THE cost of cremations and burials in Cardiff could rise by 15% in a council plan to bridge a £35.2 million budget gap.
The proposal would see a cremation and burial services rise from £560 to £640 and £660 to £760 respectively.
Michael Phillips, from Age Cymru, said: “It is regrettable that the costs of a local authority funeral are being proposed to increase at a time when older people’s incomes are, at best, remaining static.”
The proposal is part of the council’s consultation put to the public to save money and generate income for the 19/20 budget.
“We would hope that local authorities would highlight ways in which older people can reduce the amount they spend on a funeral,” he added.
“There are also cheaper options available in terms of the burial or cremation.”
“For example, people could choose a natural burial site that is much cheaper than either a church burial or local authority cremation.”
“Ideally, people and their families would plan well ahead for a funeral by organising funeral insurance or a funeral plan.”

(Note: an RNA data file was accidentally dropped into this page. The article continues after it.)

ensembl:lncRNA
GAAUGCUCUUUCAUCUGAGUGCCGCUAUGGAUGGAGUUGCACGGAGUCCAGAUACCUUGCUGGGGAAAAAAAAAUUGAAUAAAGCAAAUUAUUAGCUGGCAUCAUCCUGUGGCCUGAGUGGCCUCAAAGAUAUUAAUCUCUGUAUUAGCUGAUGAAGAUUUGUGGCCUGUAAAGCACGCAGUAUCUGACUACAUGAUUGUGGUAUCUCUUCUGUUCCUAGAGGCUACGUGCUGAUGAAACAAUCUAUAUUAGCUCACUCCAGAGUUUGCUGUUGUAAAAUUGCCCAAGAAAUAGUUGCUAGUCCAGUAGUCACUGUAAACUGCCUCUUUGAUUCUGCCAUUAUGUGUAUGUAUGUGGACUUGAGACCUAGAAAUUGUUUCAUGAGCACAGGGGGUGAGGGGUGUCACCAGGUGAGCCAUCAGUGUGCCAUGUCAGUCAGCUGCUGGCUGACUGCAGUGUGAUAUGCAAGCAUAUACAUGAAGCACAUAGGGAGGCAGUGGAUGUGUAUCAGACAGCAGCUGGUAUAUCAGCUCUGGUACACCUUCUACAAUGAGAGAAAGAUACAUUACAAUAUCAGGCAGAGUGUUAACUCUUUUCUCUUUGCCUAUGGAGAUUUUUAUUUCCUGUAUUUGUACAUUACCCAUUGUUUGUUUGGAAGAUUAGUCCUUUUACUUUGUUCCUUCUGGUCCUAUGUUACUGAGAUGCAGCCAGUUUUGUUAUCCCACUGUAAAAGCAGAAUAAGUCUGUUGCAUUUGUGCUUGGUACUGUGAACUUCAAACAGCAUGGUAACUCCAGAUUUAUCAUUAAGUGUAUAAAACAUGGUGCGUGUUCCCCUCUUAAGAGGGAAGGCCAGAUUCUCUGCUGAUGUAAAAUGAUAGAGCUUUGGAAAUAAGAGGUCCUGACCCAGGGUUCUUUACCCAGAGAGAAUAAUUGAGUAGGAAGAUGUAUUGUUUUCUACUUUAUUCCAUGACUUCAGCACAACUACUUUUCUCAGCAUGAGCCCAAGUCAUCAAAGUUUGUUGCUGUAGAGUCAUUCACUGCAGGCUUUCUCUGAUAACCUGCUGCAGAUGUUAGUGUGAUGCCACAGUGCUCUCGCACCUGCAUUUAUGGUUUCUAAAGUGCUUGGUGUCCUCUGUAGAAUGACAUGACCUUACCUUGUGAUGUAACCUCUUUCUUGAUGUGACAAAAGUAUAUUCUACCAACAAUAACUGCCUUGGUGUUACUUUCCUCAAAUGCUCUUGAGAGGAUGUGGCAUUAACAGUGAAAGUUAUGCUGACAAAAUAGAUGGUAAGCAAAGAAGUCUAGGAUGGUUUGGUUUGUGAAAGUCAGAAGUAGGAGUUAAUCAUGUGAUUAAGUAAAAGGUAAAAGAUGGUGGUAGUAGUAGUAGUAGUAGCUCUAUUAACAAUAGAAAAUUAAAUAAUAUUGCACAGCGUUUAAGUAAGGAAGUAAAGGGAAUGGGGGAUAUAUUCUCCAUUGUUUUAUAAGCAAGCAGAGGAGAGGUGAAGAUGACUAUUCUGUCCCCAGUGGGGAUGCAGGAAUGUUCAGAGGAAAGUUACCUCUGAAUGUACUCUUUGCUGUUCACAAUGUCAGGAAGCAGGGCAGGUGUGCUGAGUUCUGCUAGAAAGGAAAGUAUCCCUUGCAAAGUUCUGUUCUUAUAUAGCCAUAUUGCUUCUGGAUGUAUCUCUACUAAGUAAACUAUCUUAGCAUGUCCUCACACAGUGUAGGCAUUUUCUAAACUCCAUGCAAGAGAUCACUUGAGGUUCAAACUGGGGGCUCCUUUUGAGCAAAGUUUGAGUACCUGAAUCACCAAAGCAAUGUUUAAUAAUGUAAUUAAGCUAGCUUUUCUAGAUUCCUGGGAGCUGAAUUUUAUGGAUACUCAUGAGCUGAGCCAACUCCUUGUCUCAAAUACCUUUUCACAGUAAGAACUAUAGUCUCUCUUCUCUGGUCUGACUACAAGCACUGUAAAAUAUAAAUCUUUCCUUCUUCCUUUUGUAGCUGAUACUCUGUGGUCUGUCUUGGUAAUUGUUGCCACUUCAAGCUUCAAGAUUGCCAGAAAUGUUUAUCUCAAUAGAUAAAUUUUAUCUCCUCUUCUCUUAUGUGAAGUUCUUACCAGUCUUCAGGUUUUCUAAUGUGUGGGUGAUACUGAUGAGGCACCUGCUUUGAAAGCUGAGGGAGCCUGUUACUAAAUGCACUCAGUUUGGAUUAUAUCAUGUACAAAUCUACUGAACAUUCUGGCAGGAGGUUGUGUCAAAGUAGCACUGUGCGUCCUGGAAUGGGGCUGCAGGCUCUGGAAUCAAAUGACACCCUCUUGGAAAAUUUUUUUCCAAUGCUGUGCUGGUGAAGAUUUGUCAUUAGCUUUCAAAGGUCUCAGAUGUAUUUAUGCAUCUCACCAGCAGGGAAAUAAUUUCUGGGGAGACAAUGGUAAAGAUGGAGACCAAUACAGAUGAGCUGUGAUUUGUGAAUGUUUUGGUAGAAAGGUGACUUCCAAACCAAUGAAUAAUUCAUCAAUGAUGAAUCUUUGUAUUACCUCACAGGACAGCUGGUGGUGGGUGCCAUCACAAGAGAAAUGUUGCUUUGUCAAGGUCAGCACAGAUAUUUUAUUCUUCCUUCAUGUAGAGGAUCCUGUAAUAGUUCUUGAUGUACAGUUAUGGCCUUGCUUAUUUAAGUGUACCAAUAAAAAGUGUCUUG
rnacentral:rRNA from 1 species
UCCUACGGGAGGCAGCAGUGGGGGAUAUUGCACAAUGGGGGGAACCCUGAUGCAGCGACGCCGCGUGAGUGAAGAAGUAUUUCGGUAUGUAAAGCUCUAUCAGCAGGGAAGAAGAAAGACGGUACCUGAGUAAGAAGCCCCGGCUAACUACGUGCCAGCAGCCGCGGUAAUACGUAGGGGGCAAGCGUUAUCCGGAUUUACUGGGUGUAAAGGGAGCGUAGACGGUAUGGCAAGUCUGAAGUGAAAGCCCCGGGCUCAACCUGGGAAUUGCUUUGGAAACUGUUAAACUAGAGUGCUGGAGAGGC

Figures suggest the council undertake over 4,000 funerals a year, which means the increase would roughly generate an extra £440,000 per year.
Funeral services saw an increase of 3% this year from the previous consultation – with cremation rising from £540 to £560 and funerals from £630 to £650.
In a report, the council said two-thirds of people who voted agreed with the 3% rise, with one fifth disagreeing and the rest saying they did not have an opinion.
People brought up specific concerns such as the need for the service to be improved and extra support for those who cannot afford it.
Many also commented that the service should neither be for profit nor a revenue generation scheme.
The council is unable to provide a comment on specific parts of the consultation.
However, councillor Chris Weaver has said: “Sadly, our budget is being cut in real terms again.
“Councils across the UK are under increasing pressure and it’s the services our citizens rely on that will bear the brunt of this dangerous and seemingly never-ending austerity.
“We want our residents’ views on these ideas and their help in prioritising the services which matter to them.”
The council has suggested other ideas to generate and save the money necessary for bridging the gap,. such as increasing fines for littering, reducing subsidies for major events, and transferring park facilities to sports groups.
The consultation began on November 16 and residents can have their say for the next six weeks.
- The budget proposal can be accessed online or picked up from council buildings and libraries.